What is your favorite feature about your career?

Exploring a dataset and visualizing a certain pattern to see how it fits with my current understanding of that problem. This could range anywhere from coverage or variant distributions to genomic biomarkers responding to different treatments.

What was the most common question asked about your career during the retreat?

Question: How does someone become a bioinformatician?

My answer: A bioinformatician combines programming skills and biological insight, therefore you need to develop both in whichever order and mechanism works best for you. For example, there are many resources out there to learn data science skills, such as in R or Python, and combine them with higher level degrees in the field of your choice. Practice and years of experience are important to develop these two disciplines together and then apply them in biological context for fine tuning.


Science Administration

Una Grewal, PhD

Director, Division of Population Health Research, NICHD

Una Grewal

Una Grewal, PhD

What does someone in your career field do?

As the Director of the Intramural Division of Population Health Research (DiPHR), I provide leadership to 1) establish and implement the scientific mission, goals and priorities of the Division in alignment with those of the NICHD and the NIH; 2) identify the needs and concerns of the branches and members of the Division; 3) make strategic decisions about operations, policies, and resources; 4) introduce programs, protocols, and processes that facilitate opportunities and productivity of everyone in the Division; 5) ensure ongoing activities function smoothly; and 6) anticipate, troubleshoot, and mitigate problems. Alongside these responsibilities, my research focuses on perinatal epidemiology, including fetal growth, nutrition, and birth defects.

What is your favorite feature about your career? 

I enjoy the aspirational nature of contemplating the research priorities of the Division—what should we study, why, and how? Seeking to determine the big questions in reproductive, perinatal, and adolescent health that we want to answer in the next five to 10 years is both challenging and invigorating. In addition to this strategic thinking, I am motivated by our trainees—nurturing the next generation of population health scientists is very fulfilling.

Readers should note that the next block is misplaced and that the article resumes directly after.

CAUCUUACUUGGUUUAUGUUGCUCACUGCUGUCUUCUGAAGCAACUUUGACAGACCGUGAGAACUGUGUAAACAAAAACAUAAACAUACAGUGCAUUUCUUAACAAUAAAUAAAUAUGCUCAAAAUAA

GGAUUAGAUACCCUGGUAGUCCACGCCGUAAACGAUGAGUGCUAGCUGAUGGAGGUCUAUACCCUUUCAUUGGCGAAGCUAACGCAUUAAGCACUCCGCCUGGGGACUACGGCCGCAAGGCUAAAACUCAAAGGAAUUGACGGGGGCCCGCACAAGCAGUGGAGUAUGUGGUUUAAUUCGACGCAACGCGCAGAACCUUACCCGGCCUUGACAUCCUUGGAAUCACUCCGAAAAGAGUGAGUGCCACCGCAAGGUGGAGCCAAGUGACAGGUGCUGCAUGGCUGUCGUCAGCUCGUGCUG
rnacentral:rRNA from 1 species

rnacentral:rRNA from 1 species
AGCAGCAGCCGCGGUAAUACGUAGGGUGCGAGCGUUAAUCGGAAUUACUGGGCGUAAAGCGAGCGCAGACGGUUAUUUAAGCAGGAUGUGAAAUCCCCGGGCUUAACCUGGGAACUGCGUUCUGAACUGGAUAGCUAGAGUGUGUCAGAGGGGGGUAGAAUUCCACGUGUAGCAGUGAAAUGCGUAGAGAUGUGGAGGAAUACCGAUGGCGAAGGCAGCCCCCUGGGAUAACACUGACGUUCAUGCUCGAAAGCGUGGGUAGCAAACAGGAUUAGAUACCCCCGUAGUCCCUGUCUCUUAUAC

What was the most common question asked about your career during the retreat?

“What does your typical day look like?” In my role, I have found that there is no such thing as a “typical day.” I do have certain routine activities, such as meetings that occur at the same time every week. Otherwise, my schedule tends to vary a lot from day to day. Some days unfold as planned, where I spend my time on science administration and my own research. On other days, my attention can be occupied entirely by a crisis of the moment. Flexibility, and the ability to pivot on short notice, are essential requirements of the position.

Suna Gulay, PhD

Technology Transfer and Patent Specialist, NCI 

Suna Gulay

Suna Gulay, PhD

What does someone in your career field do?

Technology transfer managers work at the intersection of science, business, and law. Specifically, we 1) help scientists gain access to valuable, proprietary research tools, devices, diagnostics, and therapeutics from outside entities via transactional and collaborative agreements and 2) facilitate further development of academic inventions and the eventual public availability of the end products via patenting and licensing.

What is your favorite feature about your career?

My favorite feature of technology transfer is the interactions with various stakeholders, such as scientists, lawyers, patent examiners, and industry business development contacts. I gain a lot from the different perspectives held by each stakeholder, whom I did not have a lot of access to previously as a bench scientist.

What was the most common question asked about your career during the retreat?